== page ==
a compliance by the Turkish govern-
ment witft the request of the state de -
partment for a regular exequatur foi
Dr. Nortoi. -
DECLINE TO SIGN.
Chinese Envoys May Not Agree
to tht
Powers' Demands.
Pekin, Jan. 9. This afternoon agree
ments identical for each nation were
presented to Prince Ching. Those
lose to Prince Ching and Li Hung
Chang say that . they have declined to
sign, even if they lose their heads,
without regard to the latest orders of
the court. Others say that they will
not sign it, and that it would be im
polite for the Chinese plenipotentiar
ies at present to act for themselves.
The report that the Chinese court bas
instructed the Chinese envoys to sign
the joint note is confirmed. The court
referred to tbe obections of the south
ern viceioys. Prince Ching informed
the court that it was too late, and a
reply from the court is expected
shortly.
Count von Waldersee says that
China's request, through her represen
tatives at foreign courts, that the ex
peditions cease, cannot be complied
with at present. No expeditions, he
asserts, are sent out without adequate
cause. Where there are scenes of
bloodshed or disorder, the troops are
sent to it, this being the only means of
preventing outrages. He declares
thit tbe expeditions are not intended
for punitive purposes, but merely for
police purposes, with a view of giving
the necessary protection to life and
property.
REGULATIONS CHANGED.
Duties and Responsibilities of Officers in Chargt
of Transports More Clearly Defined.
Washington, Jan. 9. On the recom
mendation ot Quaitermaster-General
Lndington, the secretary of war has
made a slight amendment to the army
regulations relating to military trans
ports, the object of which is more
clearly to define the duties and respon
sibilities of the principal officers in
charge, viz., the master of the vessel
and the quartermaster.
xne quartermaster has supreme
charge of the vessel when in port, and
also directs the movements of the ship
from one port to another, in execution
of the orders of the war department
He, however, has nothing to do with
tbe navigation of the ship when under
way. Then the master of the vessel is
in supreme command, and is the only
person authorized to give orders to his
subordinates. This has been the gen
eral system of operating the transport
system for months past, but there
seems to have been some misunder
standing as to tbe relative authority of
the quartermaster and the ship's mas
ter at sea, and the new regulations
were issued to prevent the possibility
of any further douht on the matter by
the persons directly concerned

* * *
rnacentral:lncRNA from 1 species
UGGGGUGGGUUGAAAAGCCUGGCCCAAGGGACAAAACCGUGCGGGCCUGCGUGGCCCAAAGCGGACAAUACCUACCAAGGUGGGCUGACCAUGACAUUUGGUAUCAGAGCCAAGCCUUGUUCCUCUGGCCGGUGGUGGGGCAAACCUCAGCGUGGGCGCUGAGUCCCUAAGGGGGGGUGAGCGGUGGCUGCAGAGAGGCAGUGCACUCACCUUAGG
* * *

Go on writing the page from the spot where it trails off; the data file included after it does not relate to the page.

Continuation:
Cashier Is Missing.
Richmond, Mo., Jan. 9. John W
Shotwell. Jr., cashier of the Rav
County bank, has been missing since
Monday last, and the state bank exam
iner is going over the books. Whether
there is a shortage in Shotwell's ac
counts cannot be known until the ex
aminer has finished his work. A. M.
Fowler, president of the bank, said
that the stockholders had subscribed
$21,000 'to cover any shortage that
might be found." He professed to
know nothing of the missing cashier's
whereabouts.
President Fowler declared that any
shortage found would have no effect
on 'the standing of the bank, which
was opened today as usual. Shotwell
was about 35 years of age, and hud
been in the employ of tbe bank for
several years. The Ray County bank
is one of tbe oldest in the state. It
has a capital of $50,000, and deposits
of $75,000. .......
Hearty Welcome to President Diaz.
Puebla, Mex., Jan. 9. President
Diaz has been welcomed here with a
remaikable display of popular enthusi
asm. Governor Martinez today ex
tended a welcome on the part of the
state of Puebla, and President Diaz
formally opened the new echools and
penal law courts. A garden party was
given in his honor this evening, and
the city council banquetted the presi
dent and a distinguished party from
Mexico.
Brown Fog in London.
London, Jan. 9. A choking brown
fog enveloped London for several hours
this morning, causing great incon
venience. There were many collisions
in the streets and several casualties.
lnousanos ot outdoor worxers were
compelled to suspend their labors, the
railroads experienced delay in train
arrivals, and river traffic was com
pletely stopped.
Contemplate Moving to America.
St. Petersburg, Jan. 9. The Molo-
kanen, a sect numbering 40,000, whose
founders removed in 1840 from various
parts of Russia to the Caucasus, and
whose delegates have just brought
glowing reports from the Donkhobors,
or Russian Quakers, in Canada, con
template emigrating to America. The
sect secured state lands from tbe Can
casus almost rent free, bnt recently
the Russian government announced
that the rents would be three or four
fold. Now they are petitioning the
government to restore former rentents.